Months ago a group of teenagers rang our door bell and introduced themselves. They were from a local church and were out trying to spread the word on their church and when services were. When I told them we were Atheist in our house and were not interested something intriguing happened. The leader of the group took a small step back like I had punched him in the stomach. I assure you I had not. But the effect of my statement seemed to physically show on his face and in his body language. Immediately the group began proselytizing1 in a very firm and aggressive manner. I told them that I wasn’t interested and to please leave, before they could respond I shut the door. This is just one reaction to informing someone from middle America that you are an atheist.
What we really want to talk about is how social pressure from the hard core bible beaters affects the people of this area. Here, it is socially acceptable to be a “bad Christian” but to be a good and honest atheist makes you a social pariah. As a child Locke was forced to attend a Methodist church, while Demonsthenes was raised and then sent to Catholic school for several years. Over the years we have observed how attendance is very different during the regular Sunday service and the services on Christmas and Easter. My hardcore Methodist family informed me that this influx of attendees was due to the “C and E Christians”. These C and E Christians were both loathed and loved by the church. First the church liked the opportunity to get some needed money from donations and try to convert C and E’s to become every Sunday Christians. The “true” Christians judged these C and E and made hurtful comments behind their backs. The same could be said for the Catholic population, who’s attendance seemed to increase during Lent, when having smears of soot on your forehead was a social badge of pride to carry to out into the world that said “See, I am making a personal sacrifice for my faith. Ask me about it!”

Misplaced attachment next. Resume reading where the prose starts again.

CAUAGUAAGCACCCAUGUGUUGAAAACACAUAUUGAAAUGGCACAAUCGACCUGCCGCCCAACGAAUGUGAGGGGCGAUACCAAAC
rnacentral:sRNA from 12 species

Every week we want to share either a personal experience or story about our lives as atheists; how we got here, how our relationships with family have been affected by coming out of “the god closet” and the hypocrisy we observe around us. Hopefully you find some humor and relate to our experiences. If not, well, at least you had something to kill some time at work with.
1. Proselytizing: present participle of pros·e·lyt·ize (Verb)
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